All I know is that when the Treasury yield curve goes inverted I get as nervous as a cat on a hot tin roof. And, apparently, so does the president.

And I don’t believe that the credentialed experts have a clue what they are doing, on the Treasury yield curve or anything else.

For instance, how come the credentialed experts didn’t have economic and monetary models that could forecast the Crash of 2008 and propose comprehensive and mandatory policies to stop it dead in its tracks the way that the “intelligence community” so expertly stopped Russian collusion in its tracks prior to the 2016 election?

How come the credentialed economists and their economic models failed to predict in the 2000s -- and get the credentialed journalists at the New York Times up to speed -- that the Fannie/Freddie mortgage subsidy game was a disaster waiting to happen? How come the credentialed credit experts were not telling us that the Lehman Brothers laundering of sub-prime mortgages with derivative contracts was doomed to failure?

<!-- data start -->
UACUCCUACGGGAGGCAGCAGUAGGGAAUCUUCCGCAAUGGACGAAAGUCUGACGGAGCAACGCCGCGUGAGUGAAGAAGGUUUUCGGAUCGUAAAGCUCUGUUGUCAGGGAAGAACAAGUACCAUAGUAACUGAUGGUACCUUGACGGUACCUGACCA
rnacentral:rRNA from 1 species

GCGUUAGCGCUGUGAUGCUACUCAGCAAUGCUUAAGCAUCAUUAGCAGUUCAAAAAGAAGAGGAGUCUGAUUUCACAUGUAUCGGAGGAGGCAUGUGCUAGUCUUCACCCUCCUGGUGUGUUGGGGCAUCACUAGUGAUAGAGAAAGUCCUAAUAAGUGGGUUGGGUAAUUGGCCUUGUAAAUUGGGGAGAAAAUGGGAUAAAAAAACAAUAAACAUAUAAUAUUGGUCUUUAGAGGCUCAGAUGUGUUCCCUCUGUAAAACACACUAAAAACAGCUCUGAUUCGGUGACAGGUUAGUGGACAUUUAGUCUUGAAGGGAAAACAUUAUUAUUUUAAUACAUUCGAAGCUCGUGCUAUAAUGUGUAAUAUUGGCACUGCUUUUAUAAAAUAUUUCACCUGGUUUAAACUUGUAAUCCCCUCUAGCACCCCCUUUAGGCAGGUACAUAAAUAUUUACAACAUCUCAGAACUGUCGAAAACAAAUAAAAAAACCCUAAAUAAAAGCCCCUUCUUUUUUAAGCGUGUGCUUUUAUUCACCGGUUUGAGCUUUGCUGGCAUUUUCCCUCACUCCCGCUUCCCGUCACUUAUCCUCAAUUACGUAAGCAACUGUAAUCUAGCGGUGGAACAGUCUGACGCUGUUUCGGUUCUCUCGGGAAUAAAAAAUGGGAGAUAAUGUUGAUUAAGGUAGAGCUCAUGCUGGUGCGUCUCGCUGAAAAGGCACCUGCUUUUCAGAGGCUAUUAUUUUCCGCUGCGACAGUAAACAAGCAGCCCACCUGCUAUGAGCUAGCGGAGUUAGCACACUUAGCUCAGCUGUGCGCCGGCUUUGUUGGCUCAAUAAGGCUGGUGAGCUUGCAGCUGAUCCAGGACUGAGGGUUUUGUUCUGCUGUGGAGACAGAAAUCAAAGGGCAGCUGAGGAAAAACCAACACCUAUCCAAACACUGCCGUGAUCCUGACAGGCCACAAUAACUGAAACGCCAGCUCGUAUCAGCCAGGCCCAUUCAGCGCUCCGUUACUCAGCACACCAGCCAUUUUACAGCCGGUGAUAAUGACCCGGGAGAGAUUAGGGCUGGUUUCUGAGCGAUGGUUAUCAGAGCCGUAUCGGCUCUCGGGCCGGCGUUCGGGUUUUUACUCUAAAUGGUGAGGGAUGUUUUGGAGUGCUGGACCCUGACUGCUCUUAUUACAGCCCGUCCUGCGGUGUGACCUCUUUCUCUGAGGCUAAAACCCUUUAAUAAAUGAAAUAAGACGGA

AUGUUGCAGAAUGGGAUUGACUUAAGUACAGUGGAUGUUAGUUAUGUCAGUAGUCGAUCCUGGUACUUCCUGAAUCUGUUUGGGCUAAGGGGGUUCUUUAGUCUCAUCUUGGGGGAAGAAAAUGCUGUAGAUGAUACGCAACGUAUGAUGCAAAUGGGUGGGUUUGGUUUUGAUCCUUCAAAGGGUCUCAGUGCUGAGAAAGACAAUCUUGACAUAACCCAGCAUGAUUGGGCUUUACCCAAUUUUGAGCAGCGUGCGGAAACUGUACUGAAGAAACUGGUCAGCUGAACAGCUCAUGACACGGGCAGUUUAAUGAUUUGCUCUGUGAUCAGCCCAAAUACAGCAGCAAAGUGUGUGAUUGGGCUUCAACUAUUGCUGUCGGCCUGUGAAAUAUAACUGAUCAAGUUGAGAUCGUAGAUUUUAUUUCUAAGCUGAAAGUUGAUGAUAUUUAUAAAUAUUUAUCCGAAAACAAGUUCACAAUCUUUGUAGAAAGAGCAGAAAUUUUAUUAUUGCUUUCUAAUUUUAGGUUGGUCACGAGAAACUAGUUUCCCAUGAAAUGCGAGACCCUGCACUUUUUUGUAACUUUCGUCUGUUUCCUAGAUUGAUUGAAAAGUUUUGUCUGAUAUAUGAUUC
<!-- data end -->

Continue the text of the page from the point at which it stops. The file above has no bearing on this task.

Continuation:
How come that little Ben Bernanke, the highly credentialed Chairman of the Federal Reserve Board, choked in the Fall of 2008, whining that he didn’t have the legal authority to bail out bankrupt Lehman Brothers? How come he didn’t pull his well-thumbed copy of Walter Bagehot’s Lombard Street off the shelf and remind himself that the central bank is the “lender of last resort” and that means exactly what it says? And that he would bail out Lehman Brothers even if it meant he went to jail? Or worse, have to sit in front of idiot congressional committees for months at a time as the credentialed politicians wisely sifted over his actions to determine the chapter and verse of mistakes that he had made?

By the way, did you know that in the Great Bailout of 2008 the biggest item was not the $0.7 trillion of the TARP bailout but the $17 trillion in guarantees for, e.g., money-market mutual funds?